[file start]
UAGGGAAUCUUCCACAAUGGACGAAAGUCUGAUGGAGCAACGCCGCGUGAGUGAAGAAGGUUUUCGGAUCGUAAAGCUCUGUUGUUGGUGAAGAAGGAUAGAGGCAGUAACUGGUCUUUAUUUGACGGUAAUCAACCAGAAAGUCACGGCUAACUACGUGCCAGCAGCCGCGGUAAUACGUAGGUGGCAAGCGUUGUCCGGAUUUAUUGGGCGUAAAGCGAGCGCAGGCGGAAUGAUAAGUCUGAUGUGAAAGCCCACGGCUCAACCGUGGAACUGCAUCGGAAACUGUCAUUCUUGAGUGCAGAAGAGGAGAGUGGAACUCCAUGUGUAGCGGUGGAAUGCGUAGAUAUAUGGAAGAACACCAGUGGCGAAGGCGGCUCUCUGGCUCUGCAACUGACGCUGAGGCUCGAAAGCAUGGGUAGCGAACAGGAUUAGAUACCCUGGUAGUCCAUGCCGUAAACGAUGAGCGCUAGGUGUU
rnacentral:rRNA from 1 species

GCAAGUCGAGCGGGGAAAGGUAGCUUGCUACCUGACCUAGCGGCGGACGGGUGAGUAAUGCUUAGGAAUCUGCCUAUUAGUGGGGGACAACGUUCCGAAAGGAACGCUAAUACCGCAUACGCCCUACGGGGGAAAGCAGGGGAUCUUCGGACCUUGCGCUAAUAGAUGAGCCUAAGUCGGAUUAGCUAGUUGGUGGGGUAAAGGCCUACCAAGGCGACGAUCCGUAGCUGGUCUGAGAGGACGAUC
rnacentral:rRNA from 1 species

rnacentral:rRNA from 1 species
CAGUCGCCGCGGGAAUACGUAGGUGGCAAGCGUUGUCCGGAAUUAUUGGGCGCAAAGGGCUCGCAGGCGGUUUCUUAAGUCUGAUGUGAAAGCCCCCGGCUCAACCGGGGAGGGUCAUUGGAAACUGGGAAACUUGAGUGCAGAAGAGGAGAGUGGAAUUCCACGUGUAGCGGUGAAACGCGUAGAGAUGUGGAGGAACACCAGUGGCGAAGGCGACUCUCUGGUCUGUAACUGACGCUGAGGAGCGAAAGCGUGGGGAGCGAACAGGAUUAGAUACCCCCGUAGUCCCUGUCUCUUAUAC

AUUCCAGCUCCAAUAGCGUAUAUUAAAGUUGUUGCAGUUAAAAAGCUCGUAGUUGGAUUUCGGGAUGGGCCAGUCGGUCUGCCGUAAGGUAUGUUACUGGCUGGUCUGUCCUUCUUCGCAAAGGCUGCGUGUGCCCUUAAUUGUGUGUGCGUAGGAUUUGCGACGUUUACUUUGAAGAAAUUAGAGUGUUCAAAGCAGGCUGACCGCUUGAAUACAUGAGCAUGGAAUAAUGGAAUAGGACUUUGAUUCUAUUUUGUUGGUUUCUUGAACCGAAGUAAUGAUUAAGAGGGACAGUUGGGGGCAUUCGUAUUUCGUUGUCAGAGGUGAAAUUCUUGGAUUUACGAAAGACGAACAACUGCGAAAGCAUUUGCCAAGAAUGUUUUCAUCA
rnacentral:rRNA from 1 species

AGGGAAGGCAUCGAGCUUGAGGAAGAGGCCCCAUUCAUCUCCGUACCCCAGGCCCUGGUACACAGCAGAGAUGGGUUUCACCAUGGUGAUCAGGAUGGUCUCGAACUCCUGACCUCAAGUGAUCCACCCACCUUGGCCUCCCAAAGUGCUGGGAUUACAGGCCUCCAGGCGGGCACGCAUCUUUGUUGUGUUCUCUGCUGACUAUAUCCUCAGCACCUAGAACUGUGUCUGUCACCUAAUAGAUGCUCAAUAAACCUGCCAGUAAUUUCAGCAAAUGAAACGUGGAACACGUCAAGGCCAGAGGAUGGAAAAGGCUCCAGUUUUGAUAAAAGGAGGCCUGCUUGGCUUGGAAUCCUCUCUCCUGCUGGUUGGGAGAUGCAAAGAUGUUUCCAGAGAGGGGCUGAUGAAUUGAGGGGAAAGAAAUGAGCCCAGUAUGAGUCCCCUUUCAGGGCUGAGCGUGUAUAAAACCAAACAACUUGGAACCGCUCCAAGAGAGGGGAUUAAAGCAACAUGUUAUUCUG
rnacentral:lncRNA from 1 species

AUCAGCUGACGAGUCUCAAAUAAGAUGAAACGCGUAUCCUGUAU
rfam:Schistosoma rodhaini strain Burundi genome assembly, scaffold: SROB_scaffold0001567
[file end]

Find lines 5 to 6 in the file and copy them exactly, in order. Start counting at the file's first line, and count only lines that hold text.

rnacentral:rRNA from 1 species
CAGUCGCCGCGGGAAUACGUAGGUGGCAAGCGUUGUCCGGAAUUAUUGGGCGCAAAGGGCUCGCAGGCGGUUUCUUAAGUCUGAUGUGAAAGCCCCCGGCUCAACCGGGGAGGGUCAUUGGAAACUGGGAAACUUGAGUGCAGAAGAGGAGAGUGGAAUUCCACGUGUAGCGGUGAAACGCGUAGAGAUGUGGAGGAACACCAGUGGCGAAGGCGACUCUCUGGUCUGUAACUGACGCUGAGGAGCGAAAGCGUGGGGAGCGAACAGGAUUAGAUACCCCCGUAGUCCCUGUCUCUUAUAC